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Common Causes of Traumatic Brain Injury in Texas

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Common Causes of Traumatic Brain Injury in Texas

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According to the Texas Brain Injury Alliance, 144,000 Texans sustain a traumatic brain injury (TBI) every year and over 5,700 Texans are permanently disabled by TBIs. TBIs are the leading causes of death in children and young adults. These injuries are severe and often life-altering. Not only do TBIs present extremely costly medical bills and rehabilitation, but also many non-economic damages that involve the quality of one’s daily life, and changes that must be made to accommodate the victim of a TBI.

The leading cause of TBIs in Texas is falls, but falls are not the leading cause of death due to TBI.

Common causes of falls include wet or uneven floors, environmental conditions, unsafe ladders and stairs, and improper safety practices at work. Slip-and-falls are one of the most common types of falls, and are responsible for the majority of traumatic brain injuries.

The second most common cause of TBIs in Texas is motor vehicle accidents, and these account for the majority of deaths due to TBI.

Over 50% of traumatic brain injuries incurred in a motor vehicle accident involved alcohol-impaired drivers. According to the Texas Brain Injury Advisory Council, other causes of TBIs include sports injuries, explosive blasts, gunshot wounds, objects falling on the head, and sharp objects penetrating the skull. However, these causes are less frequent.

TBIs are the fourth leading cause of death overall.

Physical, cognitive/communication, perceptual, and behavioral/emotional impairments are common results of a traumatic brain injury when the injury does not result in death. Unfortunately, on average 50,000 people die per year in the United States due traumatic brain injuries. The brain is a vital part of the human body and controls every other function, so it’s not surprising that the consequences of damage to the brain tend to be severe.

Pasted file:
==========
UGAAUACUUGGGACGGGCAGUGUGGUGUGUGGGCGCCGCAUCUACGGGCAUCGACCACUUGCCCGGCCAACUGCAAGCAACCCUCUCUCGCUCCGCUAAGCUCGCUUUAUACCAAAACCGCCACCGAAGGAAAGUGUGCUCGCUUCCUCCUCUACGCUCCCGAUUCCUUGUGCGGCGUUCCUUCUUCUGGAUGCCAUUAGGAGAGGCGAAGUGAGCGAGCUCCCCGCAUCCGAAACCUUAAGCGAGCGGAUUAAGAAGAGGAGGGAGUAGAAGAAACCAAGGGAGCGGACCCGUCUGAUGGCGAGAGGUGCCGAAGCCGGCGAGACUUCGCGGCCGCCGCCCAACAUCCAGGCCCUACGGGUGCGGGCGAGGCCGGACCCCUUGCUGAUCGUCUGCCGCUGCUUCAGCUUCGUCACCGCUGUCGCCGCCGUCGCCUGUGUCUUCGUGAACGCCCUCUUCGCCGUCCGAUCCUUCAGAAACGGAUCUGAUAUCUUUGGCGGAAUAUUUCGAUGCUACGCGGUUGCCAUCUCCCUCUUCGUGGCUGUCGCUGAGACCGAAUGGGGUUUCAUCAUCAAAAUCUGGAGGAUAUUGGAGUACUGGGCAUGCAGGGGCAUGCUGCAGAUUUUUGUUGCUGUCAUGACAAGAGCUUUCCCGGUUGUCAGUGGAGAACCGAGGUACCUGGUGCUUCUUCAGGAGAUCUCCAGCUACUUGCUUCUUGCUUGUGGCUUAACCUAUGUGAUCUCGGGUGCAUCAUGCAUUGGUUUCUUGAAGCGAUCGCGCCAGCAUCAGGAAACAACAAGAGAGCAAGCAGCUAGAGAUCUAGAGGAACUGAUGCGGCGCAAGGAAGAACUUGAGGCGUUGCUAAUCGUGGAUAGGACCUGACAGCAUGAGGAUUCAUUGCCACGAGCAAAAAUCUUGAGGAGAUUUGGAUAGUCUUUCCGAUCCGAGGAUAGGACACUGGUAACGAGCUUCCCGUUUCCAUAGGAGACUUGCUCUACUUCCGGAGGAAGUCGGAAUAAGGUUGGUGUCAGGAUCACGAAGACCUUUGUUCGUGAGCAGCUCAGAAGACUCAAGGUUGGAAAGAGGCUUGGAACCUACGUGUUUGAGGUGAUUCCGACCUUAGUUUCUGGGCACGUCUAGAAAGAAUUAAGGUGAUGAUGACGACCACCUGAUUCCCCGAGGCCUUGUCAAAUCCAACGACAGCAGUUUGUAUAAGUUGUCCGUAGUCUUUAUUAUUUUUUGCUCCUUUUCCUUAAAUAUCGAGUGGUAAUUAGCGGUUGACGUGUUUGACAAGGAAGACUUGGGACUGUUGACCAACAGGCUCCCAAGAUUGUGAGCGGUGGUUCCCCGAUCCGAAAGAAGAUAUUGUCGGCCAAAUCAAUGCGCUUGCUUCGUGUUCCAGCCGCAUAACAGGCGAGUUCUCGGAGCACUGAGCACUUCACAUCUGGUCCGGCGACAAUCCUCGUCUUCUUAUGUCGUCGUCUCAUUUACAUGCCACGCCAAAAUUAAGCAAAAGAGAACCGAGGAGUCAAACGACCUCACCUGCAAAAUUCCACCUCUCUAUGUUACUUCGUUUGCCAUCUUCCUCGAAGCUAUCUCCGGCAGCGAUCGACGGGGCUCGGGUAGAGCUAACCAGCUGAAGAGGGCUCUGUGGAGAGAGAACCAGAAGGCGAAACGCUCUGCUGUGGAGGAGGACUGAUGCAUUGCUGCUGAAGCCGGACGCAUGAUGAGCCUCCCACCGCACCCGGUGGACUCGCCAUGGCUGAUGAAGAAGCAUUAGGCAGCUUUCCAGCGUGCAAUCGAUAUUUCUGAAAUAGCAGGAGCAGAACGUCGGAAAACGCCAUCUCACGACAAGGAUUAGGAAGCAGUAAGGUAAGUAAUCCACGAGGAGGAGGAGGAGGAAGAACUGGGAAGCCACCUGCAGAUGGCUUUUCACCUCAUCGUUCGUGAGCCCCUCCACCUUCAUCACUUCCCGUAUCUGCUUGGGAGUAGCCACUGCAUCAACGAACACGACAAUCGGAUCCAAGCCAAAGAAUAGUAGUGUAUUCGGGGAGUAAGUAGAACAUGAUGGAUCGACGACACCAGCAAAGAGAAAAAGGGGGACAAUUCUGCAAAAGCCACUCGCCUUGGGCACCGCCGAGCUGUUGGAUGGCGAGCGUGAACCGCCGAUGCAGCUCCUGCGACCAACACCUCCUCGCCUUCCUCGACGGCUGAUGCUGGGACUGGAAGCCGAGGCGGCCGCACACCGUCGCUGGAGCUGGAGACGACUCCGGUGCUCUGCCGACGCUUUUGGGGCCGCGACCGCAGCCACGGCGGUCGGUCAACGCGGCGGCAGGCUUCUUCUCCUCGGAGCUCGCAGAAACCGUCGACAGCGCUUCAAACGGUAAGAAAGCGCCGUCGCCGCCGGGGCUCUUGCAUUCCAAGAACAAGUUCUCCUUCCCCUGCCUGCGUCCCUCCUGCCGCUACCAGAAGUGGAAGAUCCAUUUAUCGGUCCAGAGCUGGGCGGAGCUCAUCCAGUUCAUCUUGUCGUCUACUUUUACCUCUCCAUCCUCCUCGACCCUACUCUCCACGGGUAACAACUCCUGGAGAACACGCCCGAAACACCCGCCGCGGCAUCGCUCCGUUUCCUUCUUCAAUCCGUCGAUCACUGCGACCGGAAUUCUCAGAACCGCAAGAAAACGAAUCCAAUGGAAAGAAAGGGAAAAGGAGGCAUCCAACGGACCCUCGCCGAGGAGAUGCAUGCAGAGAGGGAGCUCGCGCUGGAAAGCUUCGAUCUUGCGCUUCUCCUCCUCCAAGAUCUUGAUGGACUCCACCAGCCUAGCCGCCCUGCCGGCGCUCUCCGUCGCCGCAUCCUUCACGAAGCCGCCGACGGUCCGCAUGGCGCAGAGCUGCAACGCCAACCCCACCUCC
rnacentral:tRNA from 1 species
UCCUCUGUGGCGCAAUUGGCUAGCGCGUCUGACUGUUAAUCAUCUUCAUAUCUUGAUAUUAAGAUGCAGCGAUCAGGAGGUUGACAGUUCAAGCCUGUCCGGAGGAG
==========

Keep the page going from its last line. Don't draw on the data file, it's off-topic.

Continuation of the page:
Texas is the only state that requires insurance companies to provide coverage for the spectrum of rehabilitation services needed after a brain injury.

Texas is credited with offering greater access to acute and post-acute brain injury rehabilitation than any other state. In addition, Texas provides Comprehensive Rehabilitation Services (CRS) to individuals with traumatic brain injuries who may not have adequate insurance to cover the costs on their own. This is great news for Texans who are struggling to cover the costs of a traumatic brain injury for themselves or their loved ones. However, Texas does not lead the way in long-term resources for TBI survivors.

Unfortunately, Texas does not offer programs to help meet the long-term needs of individuals living with a TBI.

While Texas may offer a variety of beneficial insurance requirements designed to help survivors of traumatic brain injury, it does not offer the residential programs other states offer in order to help pay for long-term care needs, including vocational rehabilitation programs and day activity programs. These long-term care options are designed to help TBI survivors return to work and reduce disability and medical complications. Traumatic brain injuries tend to have long-reaching and long-lasting effects on a person’s life, so it makes sense that the systems designed to help TBI survivors would be created with long-term care and support in mind. In Texas, another way to try and recoup future losses in the form of long-term vocational rehabilitation or day activity programs is to file a personal injury claim.

Depending on the circumstances surrounding your injury, you may be eligible to file a personal injury claim.

If you or a loved one suffered a traumatic brain injury, seek legal counsel to find out what your rights are and whether you are eligible to file a personal injury claim. If so, this could produce a revenue stream to help pay for future expenses which may occur during TBI recovery. Physical and financial damages are only part of the damages to a person’s life by a traumatic brain injury. The intangible damages to a person’s life after a traumatic brain injury can be just as harmful as the injury itself.

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